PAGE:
1. Uniform - Uniform bucket-level access only allows you to use IAM to manage permissions. The IAM permissions will apply to all objects contained in the bucket. It also allows you to use features that are not available when working with ACLs, such as IAM Conditions and Cloud Audit Logs. When you enable uniform bucket-level access on a bucket, ACLs are disabled, and only bucket-level Identity and Access Management can grant access to that bucket and the objects it contains. If you change the access control to uniform after the bucket is created, you revoke all access granted by objects’ ACLs and the ability to administrate permissions using bucket ACLs.
  2. Fine-grained - With fine-grained access you can use both IAM and ACLs for the bucket as well as for individual objects. It is important to understand that this still means that if you give permissions such as read objects at the bucket level, it will apply to all objects it contains.

How do you choose between uniform and fine-grained access? In most cases, you should select uniform access, as it leaves less room for confusion and minimizes misconfigurations. However, if you do need to customize access to individual objects within a bucket, or if you need to migrate data from Amazon S3, you will have to choose the fine-grained option.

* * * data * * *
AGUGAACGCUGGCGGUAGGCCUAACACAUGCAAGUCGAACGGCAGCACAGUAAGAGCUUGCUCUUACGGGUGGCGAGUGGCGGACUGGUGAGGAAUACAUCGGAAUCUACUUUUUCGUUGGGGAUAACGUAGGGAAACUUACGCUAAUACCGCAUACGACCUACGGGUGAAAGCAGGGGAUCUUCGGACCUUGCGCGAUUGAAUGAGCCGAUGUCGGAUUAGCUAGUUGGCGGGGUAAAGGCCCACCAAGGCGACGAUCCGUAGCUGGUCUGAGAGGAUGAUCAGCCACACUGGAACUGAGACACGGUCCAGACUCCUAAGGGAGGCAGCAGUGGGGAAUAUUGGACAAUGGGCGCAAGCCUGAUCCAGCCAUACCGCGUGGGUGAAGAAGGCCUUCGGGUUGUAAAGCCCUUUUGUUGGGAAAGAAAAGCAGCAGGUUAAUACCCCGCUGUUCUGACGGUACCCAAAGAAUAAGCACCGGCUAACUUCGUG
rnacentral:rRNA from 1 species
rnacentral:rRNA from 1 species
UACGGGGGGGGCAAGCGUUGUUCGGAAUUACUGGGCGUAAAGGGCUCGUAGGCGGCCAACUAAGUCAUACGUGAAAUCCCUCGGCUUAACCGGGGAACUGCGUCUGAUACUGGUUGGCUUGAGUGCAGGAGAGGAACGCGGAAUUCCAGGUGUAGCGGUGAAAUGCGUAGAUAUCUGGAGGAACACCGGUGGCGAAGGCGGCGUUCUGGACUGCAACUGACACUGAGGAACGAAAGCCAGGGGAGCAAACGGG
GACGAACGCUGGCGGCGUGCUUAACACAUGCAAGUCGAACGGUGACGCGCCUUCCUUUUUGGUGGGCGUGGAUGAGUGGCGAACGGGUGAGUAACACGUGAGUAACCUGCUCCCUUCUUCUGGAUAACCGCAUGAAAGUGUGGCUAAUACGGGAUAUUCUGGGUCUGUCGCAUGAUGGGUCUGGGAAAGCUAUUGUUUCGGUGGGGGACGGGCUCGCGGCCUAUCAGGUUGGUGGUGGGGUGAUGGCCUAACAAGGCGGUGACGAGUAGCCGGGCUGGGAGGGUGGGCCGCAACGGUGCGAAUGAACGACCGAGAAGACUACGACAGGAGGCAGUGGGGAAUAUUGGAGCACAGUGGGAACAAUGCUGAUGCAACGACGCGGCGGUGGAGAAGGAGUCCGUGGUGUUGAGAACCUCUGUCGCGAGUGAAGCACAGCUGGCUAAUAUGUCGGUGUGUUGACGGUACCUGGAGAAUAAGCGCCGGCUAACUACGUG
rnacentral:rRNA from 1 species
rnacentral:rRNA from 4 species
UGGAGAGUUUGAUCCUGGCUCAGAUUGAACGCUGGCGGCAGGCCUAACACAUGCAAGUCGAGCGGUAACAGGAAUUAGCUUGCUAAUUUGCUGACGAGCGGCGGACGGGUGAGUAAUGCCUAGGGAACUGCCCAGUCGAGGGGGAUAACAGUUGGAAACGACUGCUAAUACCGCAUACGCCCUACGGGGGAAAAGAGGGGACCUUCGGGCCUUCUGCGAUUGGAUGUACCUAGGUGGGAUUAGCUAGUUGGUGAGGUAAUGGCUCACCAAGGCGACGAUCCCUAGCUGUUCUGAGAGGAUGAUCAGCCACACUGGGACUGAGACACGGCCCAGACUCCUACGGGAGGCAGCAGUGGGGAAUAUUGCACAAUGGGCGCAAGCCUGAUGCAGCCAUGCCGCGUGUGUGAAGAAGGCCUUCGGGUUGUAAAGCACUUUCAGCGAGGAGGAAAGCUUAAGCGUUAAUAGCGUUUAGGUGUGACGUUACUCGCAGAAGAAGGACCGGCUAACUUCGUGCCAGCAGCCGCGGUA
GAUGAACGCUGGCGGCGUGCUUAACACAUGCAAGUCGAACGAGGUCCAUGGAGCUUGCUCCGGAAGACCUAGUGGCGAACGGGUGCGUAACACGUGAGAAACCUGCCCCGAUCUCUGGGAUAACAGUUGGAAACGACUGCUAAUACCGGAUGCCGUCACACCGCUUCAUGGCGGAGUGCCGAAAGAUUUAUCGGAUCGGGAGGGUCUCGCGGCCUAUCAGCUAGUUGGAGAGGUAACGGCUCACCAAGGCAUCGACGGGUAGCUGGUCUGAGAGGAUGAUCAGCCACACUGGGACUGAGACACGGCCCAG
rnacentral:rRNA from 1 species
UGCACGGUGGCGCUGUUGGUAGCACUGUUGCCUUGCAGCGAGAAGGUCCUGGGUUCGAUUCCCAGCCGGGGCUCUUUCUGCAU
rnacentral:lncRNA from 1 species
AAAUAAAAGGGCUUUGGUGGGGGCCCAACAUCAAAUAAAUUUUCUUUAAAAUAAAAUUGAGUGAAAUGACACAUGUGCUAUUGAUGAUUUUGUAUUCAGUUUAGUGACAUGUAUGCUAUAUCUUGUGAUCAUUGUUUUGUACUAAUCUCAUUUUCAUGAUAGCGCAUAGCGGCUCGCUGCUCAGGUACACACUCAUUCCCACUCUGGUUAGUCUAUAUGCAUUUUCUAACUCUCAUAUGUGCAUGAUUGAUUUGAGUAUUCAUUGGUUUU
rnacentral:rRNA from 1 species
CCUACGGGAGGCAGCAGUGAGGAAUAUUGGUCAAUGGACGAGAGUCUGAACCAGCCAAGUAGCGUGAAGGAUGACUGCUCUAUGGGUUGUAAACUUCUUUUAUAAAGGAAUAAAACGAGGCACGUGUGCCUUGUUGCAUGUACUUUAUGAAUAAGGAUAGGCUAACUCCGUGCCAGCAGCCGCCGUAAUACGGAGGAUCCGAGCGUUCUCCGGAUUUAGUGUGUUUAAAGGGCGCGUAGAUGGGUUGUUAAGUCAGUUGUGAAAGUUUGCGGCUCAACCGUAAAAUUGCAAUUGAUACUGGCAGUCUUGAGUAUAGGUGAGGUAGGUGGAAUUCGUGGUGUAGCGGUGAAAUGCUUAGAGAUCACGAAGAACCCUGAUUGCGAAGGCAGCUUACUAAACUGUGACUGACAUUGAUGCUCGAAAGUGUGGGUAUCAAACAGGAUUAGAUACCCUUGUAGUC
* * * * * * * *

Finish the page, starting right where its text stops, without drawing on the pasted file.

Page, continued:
Public Buckets

In GCP Cloud Storage, a bucket is created with no public access allowed. As for objects, it depends on their bucket. If there is public access to objects granted at the bucket level, each object, old or new, will be public. Otherwise, they will not be publicly accessible by default.

To make a bucket public, you are going to need to grant the desired permissions to the “allUsers” or “allAuthenticatedUsers” groups. For example, if I want to give read access to a specific object to everyone, I can run the following commands:

Using ACLs:
gsutil acl ch -u AllUsers:R gs://BUCKET_NAME/OBJECT_NAME

Using IAM:
gsutil iam ch allUsers:legacyObjectReader gs://BUCKET_NAME/OBJECT_NAME

As a direct result, if you do not grant any storage permissions to “allUsers” or “allAuthenticatedUsers” groups, your bucket will remain private. For a safety measure, GCP offers the ability to enforce public access prevention. Using this ability revokes existing public access permissions (IAM and ACL) and prevents adding new permissions that allow public access. It does not matter if the bucket access control is fine-grained or uniform, any existing IAM policies and ACLs granting access to "allUsers" and "allAuthenticatedUsers" will be overridden (but not removed).

GCP Public Bucket Evaluation

GCP gives each bucket a public access evaluation and presents it in the management console.

There are three levels of access: